One of our last days of class together, as they put finishing touches on their "Commencement Addresses", some of us got involved in a conversation about teachers and school. A very honest conversation.
Most of them hate school and can't wait to "get out of here". They hate homework, boring classes, and lectures. When I asked them when was the last time they liked school, they told me elementary school (except for Mr. Cocky Wrestler, who told me he never liked school). Their teachers were nice and the work was easy. According to them, that changes in about fifth grade. In our district, that's the year they begin switching classes and teachers--and evidently, the work gets harder too.
It's the year we begin losing them.
By high school, their school "personalities" are fully formed...
So what did they hate about the high school? Lectures, the same thing happening day after day after day, paper and pencil work all the time, teachers who write on the board all the time with their back to the class, and teachers who don't care.
What would they like to see their school like? More hands on classes where the work makes sense, less lecturing, less "homework", teachers who care.
They want connections with teachers. They want to know their teachers realize that students have lives outside of school. They want teachers who ask about those lives. And, they even want to know about the teacher's life outside of school.
I'm not naive enough to believe that simply asking a student about their day is going to make them love school. Going to their game is not going make them A students or raise our test scores. Attending a concert is not going to make them do their homework. None of that is going to change anything--especially if it only happens one time.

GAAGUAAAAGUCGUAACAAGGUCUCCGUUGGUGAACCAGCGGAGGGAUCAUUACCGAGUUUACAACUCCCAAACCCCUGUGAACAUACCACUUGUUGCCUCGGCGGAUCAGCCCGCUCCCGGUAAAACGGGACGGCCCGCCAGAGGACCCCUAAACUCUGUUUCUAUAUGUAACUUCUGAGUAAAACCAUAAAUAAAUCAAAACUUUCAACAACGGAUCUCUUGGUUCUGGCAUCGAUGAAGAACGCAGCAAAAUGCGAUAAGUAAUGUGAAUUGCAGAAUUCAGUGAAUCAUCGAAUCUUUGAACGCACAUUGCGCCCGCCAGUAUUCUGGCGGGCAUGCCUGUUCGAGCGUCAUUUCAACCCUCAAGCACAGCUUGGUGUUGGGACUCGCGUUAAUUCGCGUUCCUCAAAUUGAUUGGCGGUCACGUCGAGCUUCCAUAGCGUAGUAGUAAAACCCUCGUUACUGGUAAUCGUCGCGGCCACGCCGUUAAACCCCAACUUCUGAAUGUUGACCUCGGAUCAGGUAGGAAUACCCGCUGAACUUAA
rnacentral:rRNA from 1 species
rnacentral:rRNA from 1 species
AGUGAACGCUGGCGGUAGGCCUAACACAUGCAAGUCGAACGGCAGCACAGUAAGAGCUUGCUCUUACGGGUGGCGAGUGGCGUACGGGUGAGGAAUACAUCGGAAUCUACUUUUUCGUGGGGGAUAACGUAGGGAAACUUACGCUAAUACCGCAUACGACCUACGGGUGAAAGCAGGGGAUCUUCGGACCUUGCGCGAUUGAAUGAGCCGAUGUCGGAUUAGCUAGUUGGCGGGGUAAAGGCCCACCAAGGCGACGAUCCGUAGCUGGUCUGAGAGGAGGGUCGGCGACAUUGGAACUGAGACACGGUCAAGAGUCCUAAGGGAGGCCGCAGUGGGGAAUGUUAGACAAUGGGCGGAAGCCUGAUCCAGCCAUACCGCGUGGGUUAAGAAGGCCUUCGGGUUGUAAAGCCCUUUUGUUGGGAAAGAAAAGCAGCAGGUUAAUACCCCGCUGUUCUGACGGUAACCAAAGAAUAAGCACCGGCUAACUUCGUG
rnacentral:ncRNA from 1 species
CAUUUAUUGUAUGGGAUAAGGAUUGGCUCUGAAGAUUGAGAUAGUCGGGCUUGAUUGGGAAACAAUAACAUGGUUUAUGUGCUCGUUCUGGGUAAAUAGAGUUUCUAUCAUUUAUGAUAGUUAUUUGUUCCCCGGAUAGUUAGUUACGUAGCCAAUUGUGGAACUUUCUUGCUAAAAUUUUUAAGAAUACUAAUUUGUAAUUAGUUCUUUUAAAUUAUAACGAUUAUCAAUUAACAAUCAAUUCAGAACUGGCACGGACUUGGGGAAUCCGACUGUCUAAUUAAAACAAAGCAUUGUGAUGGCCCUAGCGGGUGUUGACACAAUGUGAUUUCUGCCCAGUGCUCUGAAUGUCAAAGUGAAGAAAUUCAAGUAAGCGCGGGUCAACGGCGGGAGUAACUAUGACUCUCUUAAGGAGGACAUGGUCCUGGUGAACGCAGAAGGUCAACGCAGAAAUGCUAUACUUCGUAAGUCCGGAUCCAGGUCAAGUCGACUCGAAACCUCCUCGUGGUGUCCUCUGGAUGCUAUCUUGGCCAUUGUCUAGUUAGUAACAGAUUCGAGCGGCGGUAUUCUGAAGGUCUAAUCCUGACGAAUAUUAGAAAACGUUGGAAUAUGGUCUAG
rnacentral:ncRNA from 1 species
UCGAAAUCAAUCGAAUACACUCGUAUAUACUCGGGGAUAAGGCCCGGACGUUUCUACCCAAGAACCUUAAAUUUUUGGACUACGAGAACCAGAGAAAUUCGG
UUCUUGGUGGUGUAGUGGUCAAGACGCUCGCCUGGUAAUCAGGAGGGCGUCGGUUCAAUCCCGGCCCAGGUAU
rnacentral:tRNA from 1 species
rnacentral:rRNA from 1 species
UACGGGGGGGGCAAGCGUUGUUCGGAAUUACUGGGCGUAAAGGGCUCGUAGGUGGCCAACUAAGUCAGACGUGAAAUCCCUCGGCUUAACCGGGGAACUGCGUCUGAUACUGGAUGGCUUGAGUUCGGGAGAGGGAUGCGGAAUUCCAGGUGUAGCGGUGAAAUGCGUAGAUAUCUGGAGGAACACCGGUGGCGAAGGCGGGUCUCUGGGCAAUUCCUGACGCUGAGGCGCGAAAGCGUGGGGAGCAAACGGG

When you ask an elementary teacher what they teach, most say, "I teach ______ graders". When you ask middle school teachers you get a mixed response, but when you ask a high school teacher, 95% of them will say, "I teach ____________ (fill in subject). When did we forget the most important part of our job? In defense of high school teachers everywhere, there is always pressure to cover all the curriculum. To prepare our students for the next class in the spectrum. To make sure they "get it".
My classes make it easier to connect, I know that. In speech, the first three or four speeches are about the students. Actually, since they choose their own topics, all the speeches are really about them. I find out many things about students in listening to those speeches. Creative Writing also gives me opportunities to find out about my students. Their writer's notebooks, their personal narratives, their poetry and stories, all give me a glimpse into who they are.
But I think all teachers at every level can find ways to connect with the kids in their classes. It takes some time. It takes some effort. It takes teaching young adults and not curriculum. It takes knowing that in the end, it will be worth it.